Could probiotics be a powerful Antidepressant?

In gut health, intestinal health, probiotics by rk

Probiotics Introduction

It has been established for a long time that gut bacteria are largely connected to one’s immune function and metabolic health. However, researchers have only started to scratch the surface regarding their role in how we think, how they boost overall mood, and address depression and other mental health conditions. Several studies have been done which confirm the favorable action of probiotics in addressing the growing problem of depression and anxiety disorders.

The gut microbiome and its critical role in human health have been receiving increasing attention among researchers, and with it, the new awareness of probiotics as a treatment for depression and anxiety. This is rooted in the growing understanding of the strong connection between your gut, gastrointestinal tract, and brain.

According to experts, the microorganisms in your gut produce and express neurotransmitters that affect mood, sleep, and appetite. They are also believed to be able to reduce inflammation which is a known contributor to depression, as well as re-set our stress response and assist our cognitive function.

Three studies that delve into how probiotic supplementation can assist in preventing or easing depression, published in 2019, follow:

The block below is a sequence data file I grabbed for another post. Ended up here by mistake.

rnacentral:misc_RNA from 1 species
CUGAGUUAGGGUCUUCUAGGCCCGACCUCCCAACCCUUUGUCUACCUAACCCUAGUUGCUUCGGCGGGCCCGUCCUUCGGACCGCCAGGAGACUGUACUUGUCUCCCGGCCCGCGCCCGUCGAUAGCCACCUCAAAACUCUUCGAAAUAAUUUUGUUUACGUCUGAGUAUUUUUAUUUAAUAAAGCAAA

• Scientists writing in the journal Nutrition linked probiotic food consumption with lower prevalence and severity of depression, particularly among men.

They performed a cross-sectional analysis of data involving 26,118 individuals, they found that people who had the highest intake of probiotic-rich foods had significantly lower severity of depression as well as self-reported clinical depression.

Men who consumed the most probiotic-rich foods also demonstrated a significantly lower occurrence of clinical depression.

  • A meta-analysis focused on 34 controlled clinical trials evaluated the effects of prebiotics and probiotics on depression and anxiety. It discovered that probiotics yielded small yet significant effects for both depression and anxiety.
  • Another group of researchers looked at the antidepressant-like action of the probiotic bacteria Lactobacillus Paracasei PS23 given to mice treated with corticosterones to induce depression. Both live and heat-killed probiotic versions were shown to reverse chronic corticosterone-induced anxiety and depression-like behaviors.

Previous research from the Netherlands also determined that gut bacteria do affect negative thinking and cognitive function. Studying 40 healthy individuals for four weeks, the researchers found a significant decrease in negative thinking among those who were supplemented with a probiotic each day versus those who received a placebo. Also, the probiotic group exhibited lower cognitive reactions to sadness.

Probiotics have been widely explored for their astounding immune system benefits, from increasing resistance to respiratory infections during the first few years of life to reducing the length and severity of common cold episodes. There are many studies that support the use of probiotics for depression, and it’s about time they become even more widely explored for the powerful antidepressant effects they exert.

Having a colonic Hydrotherapy treatment can be a great starting point for re-establishing a healthy bowel flora. It can help to remove unhealthy bacteria that we can become host to, and with a healthy diet which can include some fermented foods that can boost your microbiome and emotional health.

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